Detailed SPICE simulation of the whole chip is not a viable option for these SoCs. Simulation times would be unreasonably increased due to the complexity of power controller block. A detailed simulation of this block would require cycling through multiple power transitions, which in turn requires carefully chosen input vectors for each stage of the design, exponentially increasing simulation times.
This is a critical step to ensure that the power constraints are defined properly and to avoid later surprises. Power-on/ off is a complex issue because analog blocks require technology-dependent stabilization and lock times order tens of milliseconds. Additionally, all power domains have their own reset sequence and timing associated with that.
In particular, we need to make sure that all power domains are completely powered up before issuing reset. Also, the CPU/controller may need to wait until the rest of the chip is powered up before booting.
Functional Verification of power sequencing is timing consuming and add to schedule. This is one task where formal verification tools will help. Formal tools (MVRC or Jasper/ Cadence) can be used for verifying properties that simulation will take long time to verify such as reset time of all blocks. Formal tool help determine the logic path that takes the longest time to reset.
UPF/ CPF based power – intent implementation flow is well established for netlist updates which include insertion of level shifters, Isolation cells etc.
The clock tree synthesis engine should use the PST-based buffering solution while expanding the clock tree network across different power domains means that they have to go through level shifters. the clock tree synthesis tools will automatically insert level shifters at the appropriate places. As a general guideline all clock sources reside in always-on blocks as it is tricky to balance skew through level- shifters.
Floorplanning, power grid planning: Multiple power domains require very careful and detailed power grid planning. The power grids become more complex.
Multi-level voltage scaling presents a greater challenge. The questions is: whichmulti-corner, multi- mode voltage library to use for synthesis, place and route, and STA?
With multiple voltage, libraries may not be characterized at the exact voltage we are using, timing analysis becomes much more complex. The end result is that the design should meet timing and power requirements for all the mode/corner scenarios.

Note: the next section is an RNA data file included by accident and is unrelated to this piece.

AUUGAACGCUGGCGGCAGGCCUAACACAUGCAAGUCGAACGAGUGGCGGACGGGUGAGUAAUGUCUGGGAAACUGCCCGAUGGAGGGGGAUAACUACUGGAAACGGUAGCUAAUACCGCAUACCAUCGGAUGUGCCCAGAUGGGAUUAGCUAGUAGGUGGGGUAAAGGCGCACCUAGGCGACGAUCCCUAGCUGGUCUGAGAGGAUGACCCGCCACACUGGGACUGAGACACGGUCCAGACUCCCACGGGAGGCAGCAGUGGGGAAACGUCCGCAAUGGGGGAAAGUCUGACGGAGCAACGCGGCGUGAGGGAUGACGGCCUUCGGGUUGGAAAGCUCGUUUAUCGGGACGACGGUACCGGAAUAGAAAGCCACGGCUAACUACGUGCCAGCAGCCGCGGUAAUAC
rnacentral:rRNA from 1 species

Designers must ensure that the correct level shifters, retention cells, and other design elements have been accurately placed for each of the different power domains, also verify bulk and well connections at the transistor level. There are tools from EDA companies help automate these checks.
There are many design methodology issues requiring automation, but today these are resolved using custom script or manual intervention.
In multi- Voltage domain designs, blocks are powered thru on chip switches or from different external voltage pins or on Chip Regulators LDOs. During power up sequence there is a large current peak for short duration which cause voltage drop that could corrupt retention registers. It is very important to reduce peak current, thru decoupling Caps or adding appropriate delay (daisy chaining) in turn-on signals or clocks for these blocks. One have to carefully design size of Switches to reduce voltage drop. Over-size Switch will increase standby leakage power.
The biggest gap in our methodology is that we don’t have accurate early power consumption estimation at the system partitioning stage. RTL power estimation tools are just starting to be used. There is little data available on correlation of RTL power with measured silicon results and micro- amp level accuracy especially for battery powered SOCs. These types of tools will have high impact on design flow improvement.
Today most of the resources are assigned to verification including Spice simulation for mixed signal blocks, functional and power-intent verification, power-intenttiming interaction and power sequencing at chip and blocks level.
Methodologies are being updated to meet demands of low-power multi-voltagedesigns, and using the latest tools and flow scripts that incorporate best practices can make the difference between taping out the design on time and within specification.
This is a guest post by Hem Hingarh, VP Engineering of Synapse Design.